Spirituality & Health Magazine

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The Practice of Nested Meditations

by Kevin Anderson

Since the 76 nested meditations in Divinity in Disguise were published (two of which are included below), I’ve been asked many times how I write them. Many people are finding that the nested form of poetry is accessible and helps them move, in a few words, from surface observations or feelings into deeper layers of experience.

First, a few guidelines. There’s no need for every stanza to connect logically to the one before or after. Each stanza is its own separate meditation, as is apparent if you pause for a breath or two between stanzas in two examples below.

I honor you.

I honor you,

my soul.

I honor you,

my soul

companion, as you are.

I honor you,

my soul

companion, as your are

Divinity in disguise.

Wet are the strokes of life.

Wet are the strokes of life

upon you, a still being.

Wet are the Strokes of life

upon you, a still-being-

painted masterpiece

Wet are the strokes of life

upon you, a still-being-

painted masterpiece

God is calling, "Claudia."

Each stanza after the opening line begins with the words from the prior stanza in the exact order and with the same spellings and line breaks. It might seem easier to allow oneself to rearrange words or use homonyms (e.g., soul and sole), but part of the magic feeling the nested form evokes is seeing the exact words in the same order take us to such different places as the next line is added. The form brings delight in part because its tight structure -- which would seem to straitjacket the writer -- cannot prevent the piece from escaping to surprising enlightenment.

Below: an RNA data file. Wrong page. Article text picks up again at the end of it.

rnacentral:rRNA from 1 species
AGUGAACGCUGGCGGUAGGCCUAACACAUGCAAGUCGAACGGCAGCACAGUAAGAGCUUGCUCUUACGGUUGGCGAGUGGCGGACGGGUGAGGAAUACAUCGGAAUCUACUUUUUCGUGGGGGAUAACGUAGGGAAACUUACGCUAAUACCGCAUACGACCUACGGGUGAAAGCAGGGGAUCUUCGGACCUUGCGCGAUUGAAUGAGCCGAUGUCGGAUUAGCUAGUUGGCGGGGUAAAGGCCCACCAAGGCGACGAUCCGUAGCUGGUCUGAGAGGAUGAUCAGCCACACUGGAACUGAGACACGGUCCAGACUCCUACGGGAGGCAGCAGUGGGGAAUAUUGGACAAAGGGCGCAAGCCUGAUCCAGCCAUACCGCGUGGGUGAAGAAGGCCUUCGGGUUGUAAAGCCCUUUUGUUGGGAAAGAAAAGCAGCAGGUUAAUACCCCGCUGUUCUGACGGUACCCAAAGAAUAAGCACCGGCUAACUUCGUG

I use the word SCOPE to teach my method for writing nested meditations.

S: Show up with a pad of paper and a pen or pencil. The muse skips over your house if you’re not poised with pen in hand!

C: Calm your body, mind, and spirit with a few minutes of deep breathing.

O: Observe your inner and outer world. Make note on paper of inner thoughts or feelings or outer perceptions (sights, sounds, smells). Let the flow be free.

P: Play with one or more of the lines you wrote down in the step above. See if you can add another line that shifts the meaning in a surprising way. If not, rework the first line or choose another one to play with. Keep playing your way from stanza to stanza.

E: Enjoy the enlightenment that often comes from such word play.

The SCOPE acronym also reminds us that this form can be used to zoom in on an experience (like a microscope) or zoom out for the big perspective (like a telescope). Either way, we can enjoy the enlightened awareness that comes through word play.

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